Roger Federer and Rafael Nadal have won 31 Grand Slams between them and agree there is no room for shyness on court if you want to make it big on the professional tennis tour.

Swiss great Federer is one of the most accomplished players to pick up a racquet and feels that being an extrovert has helped him achieve his goals — winning more than 1,000 tour games and 17 Grand Slams.

He said being outgoing on court helped make it easier to face the pressure points, compared to an introvert who might have to work a bit harder to succeed.

“It is a good question,” he said.

“You would think an introvert is not ready to take huge risks, but then again he might be very thoughtful and play very well-constructed points, won’t go for the silly shot.

Spain’s Rafael Nadal celebrates after defeating Russia’s Mikhail Youzhny in an Australian Open match in Melbourne on January 19, 2015

“So I guess it really depends what kind of game you have.

“But I like the idea when you’re young and you’re fearless, you give it a shot and just go big and take it away from your opponent. That’s kind of how I felt, how I did it sometimes.”

The approach has worked well for the 33-year-old, although he pointed to his old rival and friend Lleyton Hewitt as a more introverted player who also succeeded, winning two Grand Slams and still going in his 19th Australian Open.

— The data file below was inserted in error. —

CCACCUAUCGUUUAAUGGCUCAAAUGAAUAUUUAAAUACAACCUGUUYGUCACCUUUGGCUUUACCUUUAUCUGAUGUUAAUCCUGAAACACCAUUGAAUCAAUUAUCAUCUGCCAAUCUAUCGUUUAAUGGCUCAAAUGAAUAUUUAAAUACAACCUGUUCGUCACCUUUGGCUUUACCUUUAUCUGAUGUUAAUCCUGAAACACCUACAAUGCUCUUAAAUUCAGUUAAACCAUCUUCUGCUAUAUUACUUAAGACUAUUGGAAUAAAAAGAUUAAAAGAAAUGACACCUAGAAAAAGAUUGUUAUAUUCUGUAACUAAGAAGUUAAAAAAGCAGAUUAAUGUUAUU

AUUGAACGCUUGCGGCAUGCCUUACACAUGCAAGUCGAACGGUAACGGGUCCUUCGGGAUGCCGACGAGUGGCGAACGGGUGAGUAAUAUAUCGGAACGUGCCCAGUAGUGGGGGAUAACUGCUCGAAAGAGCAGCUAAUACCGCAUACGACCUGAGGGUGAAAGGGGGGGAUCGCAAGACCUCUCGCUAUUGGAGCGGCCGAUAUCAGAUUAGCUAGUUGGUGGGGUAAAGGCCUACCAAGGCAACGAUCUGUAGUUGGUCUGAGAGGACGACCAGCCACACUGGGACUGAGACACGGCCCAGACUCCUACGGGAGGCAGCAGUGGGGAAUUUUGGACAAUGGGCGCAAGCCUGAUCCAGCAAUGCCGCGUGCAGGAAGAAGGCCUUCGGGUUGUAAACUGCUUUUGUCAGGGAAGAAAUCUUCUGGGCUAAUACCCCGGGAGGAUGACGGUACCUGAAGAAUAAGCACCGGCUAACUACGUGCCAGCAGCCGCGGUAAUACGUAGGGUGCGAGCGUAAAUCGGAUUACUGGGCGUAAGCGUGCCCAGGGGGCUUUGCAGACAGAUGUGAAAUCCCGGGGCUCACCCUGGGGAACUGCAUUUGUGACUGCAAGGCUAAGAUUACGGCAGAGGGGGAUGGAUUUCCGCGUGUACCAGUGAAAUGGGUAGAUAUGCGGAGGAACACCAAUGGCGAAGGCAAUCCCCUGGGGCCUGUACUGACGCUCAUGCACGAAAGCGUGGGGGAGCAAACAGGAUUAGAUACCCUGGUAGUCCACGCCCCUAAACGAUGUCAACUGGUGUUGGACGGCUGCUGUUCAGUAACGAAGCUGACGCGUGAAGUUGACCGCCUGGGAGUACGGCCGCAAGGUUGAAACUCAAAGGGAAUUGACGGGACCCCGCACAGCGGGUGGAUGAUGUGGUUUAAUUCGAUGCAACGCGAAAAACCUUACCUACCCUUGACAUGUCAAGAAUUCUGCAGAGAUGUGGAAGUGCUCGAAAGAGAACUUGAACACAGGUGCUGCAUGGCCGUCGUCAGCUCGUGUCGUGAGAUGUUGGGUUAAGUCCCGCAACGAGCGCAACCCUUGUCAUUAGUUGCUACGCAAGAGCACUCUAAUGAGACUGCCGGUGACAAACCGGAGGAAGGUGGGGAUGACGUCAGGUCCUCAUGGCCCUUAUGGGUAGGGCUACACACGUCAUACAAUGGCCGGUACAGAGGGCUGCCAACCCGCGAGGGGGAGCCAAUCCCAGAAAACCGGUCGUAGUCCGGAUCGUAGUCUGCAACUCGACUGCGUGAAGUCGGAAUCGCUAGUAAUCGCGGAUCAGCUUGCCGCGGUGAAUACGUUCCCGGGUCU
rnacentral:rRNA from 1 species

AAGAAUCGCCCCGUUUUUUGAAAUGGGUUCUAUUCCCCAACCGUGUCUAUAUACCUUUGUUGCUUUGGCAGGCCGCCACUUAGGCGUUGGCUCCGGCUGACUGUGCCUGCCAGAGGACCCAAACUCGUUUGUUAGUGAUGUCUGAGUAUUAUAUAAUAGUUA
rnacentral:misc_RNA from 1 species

“If you look at Lleyton, who wasn’t quite like that, he was more constructive in his points. He had much more success early on. So I don’t know.”

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Nadal, a 14-time Grand Slam winner, confesses to being shy as a youngster but said he quickly learned that when in front of the crowd there was no room to be meek.

“I was really shy when I was a kid. I started on the tour very early, at 16, and I was very shy,” he said.

“Well, I was not shy playing on court. That’s the most important thing. You can be shy in life, but obviously when you are going on court, when you are competing, you compete. You cannot be shy.

“At the end it is obvious if you are shy playing, probably you will be in trouble.

“You can be shy outside, but on court, you are by yourself.”

 

AFP

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